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At least six people were killed and more than 30 others were hospitalized after a shoot Police have arrested a suspect in a shooting at a July 4th parade in Highland Park, Illinois, on Monday.
Police said Cremo was believed to be armed and dangerous and after an hour-long search, police caught him on Monday after a brief search.
The city of Highland Park initially said 16 people were wounded and five were killed, but officials revised the total to six dead and 31 wounded during an afternoon press conference. Officials said a “high-powered” rifle was located on the roof, but did not provide further details.
Authorities had earlier identified the 22-year-old Robert “Bobby” E. Cremo III as suspicious. He said he was driving a 2010 Silver Honda Fit with license plate DM80653 and is from the area.
Chris Cowelly, spokesman for the Lake County Crime Task Force, said at least 100 law enforcement officers were “aggressive” in their search for the suspect. He appealed to nearby businesses and parade participants to review their photos and videos to give them to police for investigation.
Kovelli said several victims – all adults – died on the spot and at least one died after being taken to hospital. Other injured victims were taken to Lake and Cook County hospitals and their condition ranged from “critical” to “critical.” Officials said at least one child was among those seriously injured.
On being investigated by the authorities, people living within a radius of about a mile were asked to take shelter at various places.
The shooting took place at a location on the parade route, where many residents had seen key viewing points early in the day for the annual festival. Dozens of bullets drove away hundreds of paraders who were fleeing for their lives.
Officers established a reunion outpost at the Highland Park Police Department for separated families.
Highland Park Mayor Nancy Rottering urged residents to avoid the downtown area as police respond to the incident.
“Highland Park Police is responding to an incident in Downtown Highland Park,” she announced on Twitter. “Fourth Fest has been cancelled. Please avoid Downtown Highland Park. More information will be shared as it becomes available.”
Democratic Illinois Gov. Pritzker also confirmed that he and his staff are “closely monitoring” the situation.
“It is devastating that America’s celebration diverges from our typical American plague,” Illinois Gov. JB Pritzker said at a news conference on Monday.
“I’m angry because it shouldn’t be this way… While we celebrate the Fourth of July just once a year, mass shootings have become a weekly — yes, weekly — American tradition.”
Pritzker, a Democrat, promised justice to the gunman along with support for the community.
“There is no word for the kind of evil that appears in public celebrations of freedom, hides on rooftops and shoots innocent people with assault rifles,” Pritzker said.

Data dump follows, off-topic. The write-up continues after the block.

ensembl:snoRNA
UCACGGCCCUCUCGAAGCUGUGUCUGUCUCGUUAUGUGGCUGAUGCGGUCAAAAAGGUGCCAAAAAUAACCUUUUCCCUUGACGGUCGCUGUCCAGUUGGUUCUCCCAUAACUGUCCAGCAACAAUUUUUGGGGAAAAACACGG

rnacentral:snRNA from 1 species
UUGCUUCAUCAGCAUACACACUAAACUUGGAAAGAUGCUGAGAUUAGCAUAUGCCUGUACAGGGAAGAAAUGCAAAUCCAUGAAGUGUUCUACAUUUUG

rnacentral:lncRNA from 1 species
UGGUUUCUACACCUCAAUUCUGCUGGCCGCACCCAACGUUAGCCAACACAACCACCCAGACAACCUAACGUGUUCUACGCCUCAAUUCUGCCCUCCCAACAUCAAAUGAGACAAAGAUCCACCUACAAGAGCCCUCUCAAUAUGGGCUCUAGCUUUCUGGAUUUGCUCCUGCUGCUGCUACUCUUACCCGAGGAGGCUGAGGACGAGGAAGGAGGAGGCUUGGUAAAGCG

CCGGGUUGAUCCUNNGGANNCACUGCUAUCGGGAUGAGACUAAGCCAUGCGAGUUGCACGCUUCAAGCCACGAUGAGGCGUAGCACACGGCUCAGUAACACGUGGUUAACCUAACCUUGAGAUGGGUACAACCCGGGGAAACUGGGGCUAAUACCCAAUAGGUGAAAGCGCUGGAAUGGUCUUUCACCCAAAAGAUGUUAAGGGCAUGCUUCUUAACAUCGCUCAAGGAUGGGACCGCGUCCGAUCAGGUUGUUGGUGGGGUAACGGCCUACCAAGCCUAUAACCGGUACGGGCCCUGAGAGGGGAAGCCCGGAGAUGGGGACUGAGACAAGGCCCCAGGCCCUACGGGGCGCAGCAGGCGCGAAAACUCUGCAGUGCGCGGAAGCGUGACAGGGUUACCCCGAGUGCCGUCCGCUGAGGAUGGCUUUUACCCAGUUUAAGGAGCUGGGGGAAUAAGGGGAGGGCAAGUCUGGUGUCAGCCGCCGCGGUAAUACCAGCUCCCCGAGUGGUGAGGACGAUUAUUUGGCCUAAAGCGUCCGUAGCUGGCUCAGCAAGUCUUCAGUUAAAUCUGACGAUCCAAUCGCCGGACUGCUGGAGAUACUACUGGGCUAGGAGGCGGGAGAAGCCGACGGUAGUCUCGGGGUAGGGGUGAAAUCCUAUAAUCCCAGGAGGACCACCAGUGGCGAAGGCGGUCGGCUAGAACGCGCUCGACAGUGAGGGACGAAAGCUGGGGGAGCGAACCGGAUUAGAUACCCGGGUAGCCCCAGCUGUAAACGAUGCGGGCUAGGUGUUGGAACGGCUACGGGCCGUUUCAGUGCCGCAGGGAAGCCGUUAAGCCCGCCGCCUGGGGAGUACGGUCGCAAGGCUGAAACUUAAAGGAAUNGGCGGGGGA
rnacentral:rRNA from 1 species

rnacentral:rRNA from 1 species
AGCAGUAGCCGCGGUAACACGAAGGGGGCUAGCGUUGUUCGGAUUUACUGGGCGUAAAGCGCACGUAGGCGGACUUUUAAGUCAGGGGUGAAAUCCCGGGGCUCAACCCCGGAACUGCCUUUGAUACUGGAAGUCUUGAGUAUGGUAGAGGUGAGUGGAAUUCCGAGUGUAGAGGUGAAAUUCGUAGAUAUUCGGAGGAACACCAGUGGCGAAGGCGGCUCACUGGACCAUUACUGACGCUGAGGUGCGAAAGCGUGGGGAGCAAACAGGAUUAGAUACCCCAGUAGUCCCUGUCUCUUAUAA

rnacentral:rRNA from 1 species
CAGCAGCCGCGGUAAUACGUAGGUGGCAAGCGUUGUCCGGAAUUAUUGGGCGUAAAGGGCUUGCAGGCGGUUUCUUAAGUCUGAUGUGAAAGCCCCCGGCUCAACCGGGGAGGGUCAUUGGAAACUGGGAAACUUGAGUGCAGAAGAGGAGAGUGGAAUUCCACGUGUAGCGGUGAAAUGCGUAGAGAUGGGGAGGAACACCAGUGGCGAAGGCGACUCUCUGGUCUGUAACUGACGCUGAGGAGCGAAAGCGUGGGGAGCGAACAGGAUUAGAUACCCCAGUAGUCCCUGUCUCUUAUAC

“Our condolences go out to the people of Highland Park and all those affected by today’s tragic events,” Chicago Superintendent of Police David O’Brown said in a tweet. “The #ChicagoPolice Department stands with the City of Highland Park during this devastating time.”
Lake County Coroner Jennifer Banek said the five people killed in the parade were adults and did not know about the sixth victim, who was taken to hospital and died there.
Dr. Brigham Temple, medical director of emergency preparedness for Northshore University Health Center, said 26 patients came to Highland Park Hospital after the attack and all but one were shot. Their ages ranged from 8 to 85, and Temple estimated that four or five patients were children.
He said 19 of them were treated and discharged. Others were transferred to other hospitals, while two patients remained at Highland Park Hospital in stable condition.
Officials said the shooter opened fire around 10:15 a.m. when the parade was almost three-quarters up.
Several nearby cities canceled events including parades and fireworks, some of them noting that the Highland Park shooter was still at large. Evanston, Deerfield, Skokie, Waukegan and Glencoe canceled events.
On Monday evening, more than a dozen police officers surrounded a house listed as an address for Cremo in Highland Park. Some officers were holding rifles while eyeing the house. A large armored truck, marked “Police Rescue Vehicle”, occupied the middle of the road near the residence. Police blocked roads leading to the house in a tree-lined neighborhood near a golf course, allowing only law enforcement cars to pass through a tight outer perimeter.
The Department of Homeland Security confirmed that Secretary Alejandro Meyercas has been briefed about the shooting and that DHS is coordinating with local, state and federal partners to offer the department support.
Rep. Brad Schneider, D-Ill., says he was in the parade at the time of the shooting. He confirmed in a tweet that he was safe, but did not give any details about the situation.
“A shooter was killed in Highland Park today during the Independence Day parade. My campaign team and I were gathering at the start of the parade,” Schneider wrote. “My team and I are safe and sound. We are monitoring the situation closely and are in contact with the mayor.”
“Hearing about the lives lost and others injured. My condolences to the family and loved ones; my prayers for the injured and my community; and whatever I do to make our children, our towns, our nation safe.” I’m committed to doing that. That’s enough!” He added.
The Associated Press contributed to this report.